Book review essays should be 3-4 pages (ca. 900-1200 words), and should exhibit standard formatting: double spaced text, Times New Roman or equivalent, one-inch margins, page numbers on each page, etc.
Basic questions you should bear in mind you prepare your review essay include:
1. What is the subject matter of the readings?
2. What question or set of questions is the author trying to answer?
3. What is the author’s thesis; that is, what arguments is he/she trying to defend?
4. What kinds of evidence does the author use?
5. How does the author use this evidence to support his argument?
6. How did the monograph build on, support, argue against, etc. any of the other
readings we’ve done this semester?
7. How did the monograph enhance your understanding of Middle East/Islamic
history and historiography?
Since a good book review essay can take a variety of approaches, the approach you
choose will be judged on the clarity, content, and effectiveness of your analysis. Be sure
to provide specific examples of the author’s thesis, argument, method, and use of
evidence (questions 3-6) in your analysis.
Whatever approach you take, be sure to assert the author’s thesis clearly and directly in
your first paragraph. You can then use the rest of your essay to demonstrate why your
analysis of the author’s thesis, argument, method, and use of evidence is valid.
You will need to bring a hard copy of your essays to class as well as upload a copy at
SafeAssign on RamCT by the beginning of class on the day it is due. Late book review
essays will not be accepted—no exceptions.
Students are asked to sign the CSU honor pledge on the book review essay: “I pledge on
my honor that I have not received or given any unauthorized assistance in this
assignment.” Plagiarism on your book review essays will result in will result in a grading
penalty ranging from a failing grade on the assignment to a failing grade in the course;
the Office of Conflict Resolution and Student Conduct Services will be notified.
Pre-Approved Monographs for Book Review Essay
Monographs not on this list must be pre-approved by the instructor.
Ahmed, Leila. Women and Gender in Islam: Historical Roots of a Modern Debate. New Haven:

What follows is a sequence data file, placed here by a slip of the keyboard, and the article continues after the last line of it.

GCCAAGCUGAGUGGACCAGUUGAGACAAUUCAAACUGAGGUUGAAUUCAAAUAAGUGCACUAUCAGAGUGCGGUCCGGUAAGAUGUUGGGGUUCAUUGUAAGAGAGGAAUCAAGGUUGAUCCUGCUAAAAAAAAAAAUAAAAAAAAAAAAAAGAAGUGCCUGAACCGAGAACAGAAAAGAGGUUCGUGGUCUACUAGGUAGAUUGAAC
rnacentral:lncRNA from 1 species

Yale University Press, 1992.
Amitai-Preiss, Reuven. Mongols and Mamluks: The Mamluk-Ilkhanid War, 1260-1281. New
York: Cambridge University Press, 1995.
Antrim, Zayde. Routes and Realms: The Power of Place in the Early Islamic World. New York:
Oxford University Press, 2012.
Berkey, Jonathan. The Transmission of Knowledge in Medieval Cairo: A Social History of
Islamic Education. Princeton: Princeton University Press, 1992.
Bloom, Jonathan M. Paper Before Print: The History and Impact of Paper in the Islamic World.
New Haven: Yale University Press, 2001.
Bosworth, C. E. The Ghaznavids: Their Empire in Afghanistan and Eastern Iran, 944-1040.
Beirut: Librairie du Liban, 1973.
Bouachrine, Ibtissam. Women and Islam: Myths, Apologies, and the Limits of Feminist Critique.
Lanham, MD: Lexington Books, 2014.
Bulliet, Richard W. Conversion to Islam in the Medieval Period. Cambridge: Harvard University
Bulliet, Richard W. The Camel and the Wheel. Cambridge: Harvard University Press, 1975.
Chittick, William C. Sufism: A Short Introduction. Oxford: Oneworld Publications, 2000.
Christie, Niall. Muslims and Crusaders: Christianity’s Wars in the Middle East, 1095-1382, from
the Islamic Sources. Abingdon and New York: Routledge, 2014.
Cohen, Mark R. Poverty and Charity in the Jewish Community of Medieval Egypt, Princeton:
Princeton University Press, 2005.
Collins, Roger. The Arab Conquest of Spain. Cambridge: Basil Blackwell Ltd, 1989.
Constable, Olivia Remie. Housing the Stranger in the Mediterranean World: Lodging, Trade,
and Travel in Late Antiquity and the Middle Ages. New York: Cambridge University
Cook, David. Martyrdom in Islam. New York: Cambridge University Press, 2007.
Cook, David. Understanding Jihad. Berkeley and Los Angeles: University of California Press,
Cook, Michael. Forbidding Wrong in Islam: An Introduction. New York: Cambridge University